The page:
Securing greater representation of women does not, however, automatically ensure that gender mainstreaming will be achieved, i.e. that gender perspectives are taken into consideration as a matter of routine. Women in peace-building and peace-keeping missions may require sensitization on the importance of gender issues as much as men, as well as support to develop the necessary competence to work with gender perspectives and the goal of gender equality. All personnel – male as well as female – should be able to identify and address gender perspectives in their day-to-day work. Training is needed to ensure that this is the case.


Actions to be taken to ensure greater attention to gender perspectives in all areas of work in peacekeeping missions would include, for example, ensuring equitable representation of women in provisional mechanisms and committees set up to facilitate the transition to democratic and autonomous self-government, including the police and the judiciary; facilitating the equitable involvement of women in the reconstruction of all sectors of civil administration, including in particular the economic sector; ensuring that humanitarian efforts, as well as efforts to bring war criminals to justice, take into account the different experiences and needs of women and men; and ensuring that the return of all refugee and displaced persons to their homes takes into consideration the reproductive roles and needs of women, and in particular of women subjected to sexual and domestic violence.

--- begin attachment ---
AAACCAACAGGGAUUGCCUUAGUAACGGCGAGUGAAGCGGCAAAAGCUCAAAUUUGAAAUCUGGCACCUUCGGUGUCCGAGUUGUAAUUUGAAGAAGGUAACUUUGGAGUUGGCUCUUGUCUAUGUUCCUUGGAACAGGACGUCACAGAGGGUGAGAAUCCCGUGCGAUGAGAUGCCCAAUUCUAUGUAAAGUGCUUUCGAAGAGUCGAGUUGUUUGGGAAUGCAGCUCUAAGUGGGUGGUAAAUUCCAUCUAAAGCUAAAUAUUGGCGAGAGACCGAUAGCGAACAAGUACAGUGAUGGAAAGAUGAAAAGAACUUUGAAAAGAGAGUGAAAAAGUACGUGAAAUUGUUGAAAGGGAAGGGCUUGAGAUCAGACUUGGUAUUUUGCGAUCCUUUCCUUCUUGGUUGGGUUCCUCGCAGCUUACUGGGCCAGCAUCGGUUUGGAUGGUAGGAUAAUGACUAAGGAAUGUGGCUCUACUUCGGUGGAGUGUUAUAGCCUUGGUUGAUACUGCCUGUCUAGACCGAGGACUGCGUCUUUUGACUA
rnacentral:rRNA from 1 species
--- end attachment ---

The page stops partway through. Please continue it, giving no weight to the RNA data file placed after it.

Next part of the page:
Legislation should be analysed for its gender-impact, and gender-sensitive justice assured both by an appropriate legal framework and through procedural aspects.  The importance of a gender-balanced judiciary should be emphasized, as should the importance of judges having expertise in issues affecting women and children.  A constitutional framework which recognizes substantive as well as formal equality should be developed, with the constitution and the general law being compliant with the core international human rights treaties, particularly CEDAW (the Convention on the Elimination of All Forms of Discrimination Against Women).